Long Non-Coding RNA Identified That Regulates Repair of DNA Breaks of Triple-Negative Breast Cancer
April 28, 2016
Department member Dr. Kathleen Montone was part of a Basser-Center-supported study on triple-negative breast cancer (TNBC) that was published in Nature Structural & Molecular Biology this week. The paper identifies a long non-coding RNA (lncRNA) that regulates repair of DNA breaks in TNBC, an aggressive subtype of breast cancer with poor clinical outcome. Using a clinically guided genetic screening approach, researchers from the Perelman School of Medicine at the University of Pennsylvania have now identified LINP1, a lncRNA, that is overexpressed in triple-negative breast cancer cells and regulated by the tumor suppressor p53 and the activated cell surface protein, EGFR. LINP1 enhances the repair of DNA breaks by serving as a scaffold that links two other proteins in the repair machinery.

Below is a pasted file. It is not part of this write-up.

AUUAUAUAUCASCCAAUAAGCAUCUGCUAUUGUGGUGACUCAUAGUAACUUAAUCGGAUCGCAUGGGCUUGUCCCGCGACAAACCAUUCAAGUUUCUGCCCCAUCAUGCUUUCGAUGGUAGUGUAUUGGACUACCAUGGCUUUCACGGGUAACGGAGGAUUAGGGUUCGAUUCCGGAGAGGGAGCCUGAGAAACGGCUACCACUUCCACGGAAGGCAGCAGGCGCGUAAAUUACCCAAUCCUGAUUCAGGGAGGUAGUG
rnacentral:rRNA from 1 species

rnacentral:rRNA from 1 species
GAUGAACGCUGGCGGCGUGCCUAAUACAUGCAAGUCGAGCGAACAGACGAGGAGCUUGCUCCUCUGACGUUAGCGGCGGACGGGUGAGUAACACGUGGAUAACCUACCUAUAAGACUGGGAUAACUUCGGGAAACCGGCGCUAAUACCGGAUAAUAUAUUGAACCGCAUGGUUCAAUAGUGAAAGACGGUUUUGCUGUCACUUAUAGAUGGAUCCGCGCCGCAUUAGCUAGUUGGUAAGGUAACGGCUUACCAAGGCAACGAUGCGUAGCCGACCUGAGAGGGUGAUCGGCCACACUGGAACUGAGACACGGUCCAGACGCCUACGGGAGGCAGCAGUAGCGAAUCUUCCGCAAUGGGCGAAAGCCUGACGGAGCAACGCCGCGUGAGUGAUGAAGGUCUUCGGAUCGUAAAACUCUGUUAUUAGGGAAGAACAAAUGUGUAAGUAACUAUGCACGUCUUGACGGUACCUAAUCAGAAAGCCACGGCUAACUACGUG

Read the Department of Communications news release.